For the serial European under-achievers of Manchester City, this was a great night. They have only won their Champions League group once, from six attempts, which explains in part why they have not made their mark on the knock-out rounds either.
So to open their campaign like this, with a 4-0 win away at the Dutch champions, maintaining total control, never once looking bothered, was the perfect start to their long campaign. Especially as Napoli, the next best team in the group, lost away in Ukraine at the same time. If City do not finish top of Group F from here it would be entirely their mistake.
But while this was a great European night for City, it was not a great night for Europe. The Champions League is meant to provide robust competition between the continent’s best teams. This was the Dutch champions, remember, with their bright young coach, in their historic stadium, cheered on by 44,000 loyal fans. And it felt more like City playing an FA Cup game away to a Championship side.
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The gap between the teams was so big that at no point did this feel like an even contest, especially not with City scoring their first after two minutes and their second after 10. It was all far too easy, and fairly reminiscent of the second half against Liverpool last Saturday, when City put three goals past 10 tired men.
Clearly City are playing very well at the moment, creating and taking chances like never before. Even Sergio Aguero and Gabriel Jesus are combining well up front, which did not happen much last season. But this evening, like Liverpool, did not feel like much of a test.
Any trepidation or anxiety from City about this evening cannot have lasted even two minutes. That is how long it took for them to go ahead, with a goal that showed up the uncomfortable distance between the sides. David Silva forced a corner down the left, took it quickly to Kevin de Bruyne and then crossed, before the Feyenoord defence could even switch on. John Stones got ahead of Jan-Arie van der Heijden to head, with Tonny Vilhena just stood on the line as the ball rolled through his legs and in.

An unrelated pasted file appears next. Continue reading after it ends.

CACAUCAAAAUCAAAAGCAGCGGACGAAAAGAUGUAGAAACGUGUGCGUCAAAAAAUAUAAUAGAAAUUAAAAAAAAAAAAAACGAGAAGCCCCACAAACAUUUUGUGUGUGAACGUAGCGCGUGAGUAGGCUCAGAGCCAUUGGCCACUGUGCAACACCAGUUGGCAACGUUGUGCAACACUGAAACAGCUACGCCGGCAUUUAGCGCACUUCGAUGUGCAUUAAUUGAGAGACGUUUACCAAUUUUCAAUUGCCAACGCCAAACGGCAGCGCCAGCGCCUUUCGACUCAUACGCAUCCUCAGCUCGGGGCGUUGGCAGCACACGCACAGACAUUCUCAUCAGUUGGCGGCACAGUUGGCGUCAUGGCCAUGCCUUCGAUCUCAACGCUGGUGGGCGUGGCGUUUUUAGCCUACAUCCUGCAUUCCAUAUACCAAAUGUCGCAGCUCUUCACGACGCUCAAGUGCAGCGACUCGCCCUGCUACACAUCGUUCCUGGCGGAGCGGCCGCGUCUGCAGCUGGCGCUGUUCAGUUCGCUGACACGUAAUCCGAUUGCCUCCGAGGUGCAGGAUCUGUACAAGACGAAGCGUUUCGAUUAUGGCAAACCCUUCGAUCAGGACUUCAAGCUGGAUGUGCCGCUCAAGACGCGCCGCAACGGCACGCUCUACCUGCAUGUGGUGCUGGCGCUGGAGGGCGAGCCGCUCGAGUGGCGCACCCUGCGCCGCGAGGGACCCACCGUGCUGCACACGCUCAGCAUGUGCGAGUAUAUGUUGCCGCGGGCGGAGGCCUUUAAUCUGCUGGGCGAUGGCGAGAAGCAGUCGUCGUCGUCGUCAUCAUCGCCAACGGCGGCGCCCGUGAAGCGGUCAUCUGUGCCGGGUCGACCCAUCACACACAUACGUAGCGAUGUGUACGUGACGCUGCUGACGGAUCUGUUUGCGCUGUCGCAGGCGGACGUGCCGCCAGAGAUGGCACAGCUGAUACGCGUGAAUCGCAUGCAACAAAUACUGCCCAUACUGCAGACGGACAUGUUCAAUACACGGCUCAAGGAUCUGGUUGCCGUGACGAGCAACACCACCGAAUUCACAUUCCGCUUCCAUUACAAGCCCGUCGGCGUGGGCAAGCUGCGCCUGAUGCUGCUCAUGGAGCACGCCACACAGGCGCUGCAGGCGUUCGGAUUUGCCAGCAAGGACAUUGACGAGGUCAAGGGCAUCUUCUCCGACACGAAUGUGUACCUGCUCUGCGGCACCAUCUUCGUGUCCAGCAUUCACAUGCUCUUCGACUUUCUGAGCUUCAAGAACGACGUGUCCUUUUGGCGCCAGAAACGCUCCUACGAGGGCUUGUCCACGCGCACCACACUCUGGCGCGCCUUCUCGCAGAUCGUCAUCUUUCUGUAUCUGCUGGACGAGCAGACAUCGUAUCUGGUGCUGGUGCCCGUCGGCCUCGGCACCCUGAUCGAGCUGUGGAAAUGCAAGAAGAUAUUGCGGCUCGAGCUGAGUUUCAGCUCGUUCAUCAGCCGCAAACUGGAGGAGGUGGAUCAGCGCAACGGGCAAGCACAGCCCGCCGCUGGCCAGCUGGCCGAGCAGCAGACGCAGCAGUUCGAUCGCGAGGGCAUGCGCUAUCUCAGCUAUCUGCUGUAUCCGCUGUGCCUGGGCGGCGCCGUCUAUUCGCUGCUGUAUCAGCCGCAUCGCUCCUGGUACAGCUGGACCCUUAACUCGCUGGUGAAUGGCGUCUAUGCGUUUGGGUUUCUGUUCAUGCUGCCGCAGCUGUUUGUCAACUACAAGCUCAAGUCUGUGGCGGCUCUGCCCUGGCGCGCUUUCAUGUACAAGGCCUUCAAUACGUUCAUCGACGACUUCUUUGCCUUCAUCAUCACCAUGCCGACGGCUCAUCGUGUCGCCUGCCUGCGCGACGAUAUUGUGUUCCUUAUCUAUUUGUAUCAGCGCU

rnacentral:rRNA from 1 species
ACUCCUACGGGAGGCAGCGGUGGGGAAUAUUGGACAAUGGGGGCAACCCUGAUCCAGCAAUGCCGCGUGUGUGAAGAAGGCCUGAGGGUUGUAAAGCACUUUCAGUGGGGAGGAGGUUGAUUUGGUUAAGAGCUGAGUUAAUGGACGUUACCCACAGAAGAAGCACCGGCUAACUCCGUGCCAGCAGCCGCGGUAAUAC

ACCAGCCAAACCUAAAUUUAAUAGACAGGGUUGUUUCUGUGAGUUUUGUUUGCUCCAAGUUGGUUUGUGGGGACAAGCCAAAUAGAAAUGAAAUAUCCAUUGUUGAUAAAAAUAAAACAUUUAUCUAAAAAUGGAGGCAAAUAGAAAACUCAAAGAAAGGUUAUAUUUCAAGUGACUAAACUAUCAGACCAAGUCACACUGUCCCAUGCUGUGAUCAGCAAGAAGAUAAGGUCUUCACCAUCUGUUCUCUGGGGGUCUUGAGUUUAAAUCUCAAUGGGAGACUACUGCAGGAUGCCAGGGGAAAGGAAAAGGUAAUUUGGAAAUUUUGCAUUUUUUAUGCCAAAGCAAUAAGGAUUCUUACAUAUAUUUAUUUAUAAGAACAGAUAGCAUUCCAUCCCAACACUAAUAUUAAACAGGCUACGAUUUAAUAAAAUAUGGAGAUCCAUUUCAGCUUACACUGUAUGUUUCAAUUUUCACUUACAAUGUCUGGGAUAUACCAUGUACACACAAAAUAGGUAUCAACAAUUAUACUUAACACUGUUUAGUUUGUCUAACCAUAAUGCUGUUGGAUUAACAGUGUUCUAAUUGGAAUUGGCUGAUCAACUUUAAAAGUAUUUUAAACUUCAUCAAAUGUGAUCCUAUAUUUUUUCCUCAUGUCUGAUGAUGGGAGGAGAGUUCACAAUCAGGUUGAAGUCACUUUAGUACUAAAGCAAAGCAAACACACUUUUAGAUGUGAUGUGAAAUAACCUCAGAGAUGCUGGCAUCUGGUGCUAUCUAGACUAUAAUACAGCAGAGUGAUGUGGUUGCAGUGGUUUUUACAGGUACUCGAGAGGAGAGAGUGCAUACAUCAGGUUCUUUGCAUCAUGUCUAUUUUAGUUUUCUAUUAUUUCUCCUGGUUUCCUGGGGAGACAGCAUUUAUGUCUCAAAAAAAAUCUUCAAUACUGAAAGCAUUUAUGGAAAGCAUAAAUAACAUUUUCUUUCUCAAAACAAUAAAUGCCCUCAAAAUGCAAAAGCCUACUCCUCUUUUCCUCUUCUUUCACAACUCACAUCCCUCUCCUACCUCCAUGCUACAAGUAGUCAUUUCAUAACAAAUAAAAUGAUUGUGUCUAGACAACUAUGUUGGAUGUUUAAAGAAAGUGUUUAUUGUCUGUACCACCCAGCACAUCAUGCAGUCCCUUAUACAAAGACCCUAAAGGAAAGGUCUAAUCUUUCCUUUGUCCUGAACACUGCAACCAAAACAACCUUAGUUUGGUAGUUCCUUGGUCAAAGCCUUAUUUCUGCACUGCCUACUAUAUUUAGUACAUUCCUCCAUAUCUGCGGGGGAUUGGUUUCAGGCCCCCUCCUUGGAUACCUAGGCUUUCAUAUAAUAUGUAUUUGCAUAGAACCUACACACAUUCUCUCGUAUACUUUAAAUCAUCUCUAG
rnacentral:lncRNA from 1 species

This is meant to be a club built around the value of hard work; the club motto, Geen woorden maar daden, means ‘more words than deeds’. But these players, Dutch champions, could not even make it difficult for City, who looked like scoring every time they attacked. Eric Botteghin had to scramble a Jesus header off the line but soon enough the visitors had their second.
This was a classic Guardiola move, a series of swift incisions, Aguero to Bernardo Silva to Kyle Walker, bursting down the right. He whipped in his low cross, Aguero darted away from the defender and volleyed straight in.
That was the end of the Feyenoord challenge, in truth, and it just became a question of how many City would score. Aguero had another saved and when the third came it felt almost farcical. Benjamin Mendy hammered a 30-yard shot, Brad Jones spilled it and Jesus tapped it in. The Feyenoord defenders thought he was offside but he was not.
From then on all Feyenoord had for their fans was tackling. Michiel Kramer and Vilhena were booked for fouls on Walker and De Bruyne, and by half-time all the famous atmosphere had been sucked out of the evening.
Guardiola, from then, had an eye on other challenges, not least Watford away on Saturday afternoon. So he took off Aguero on the hour mark, just as he did to Jesus against Liverpool. For as long as Guardiola is going to keep playing them both together, he is going to need them both sharp.
City were just as dangerous as ever, especially when they had De Bruyne firing in his immaculate set pieces. He worked an angle with a short corner and curled in a brilliant cross, Stones got up ahead of Botteghin again, thumping his second goal of the night against Brad Jones.
With City in complete control of possession, and the game, Sterling, Leroy Sane and even Fabian Delph came on at the end. The former Aston Villa man thought about scoring a fifth, then decided against it. Maybe Vicarage Road will prove harder than this.
Feyenoord (4-3-3): Jones; St Juste, Botteghin, Van der Heijden, Nelom; Amrabat, El Ahmadi, Vilhena; Berghuis, Kramer, Boetius
City (4-3-3): Ederson; Walker, Stones, Otamendi, Mendy; De Bruyne, Fernandinho, D Silva; B Silva, Aguero, Jesus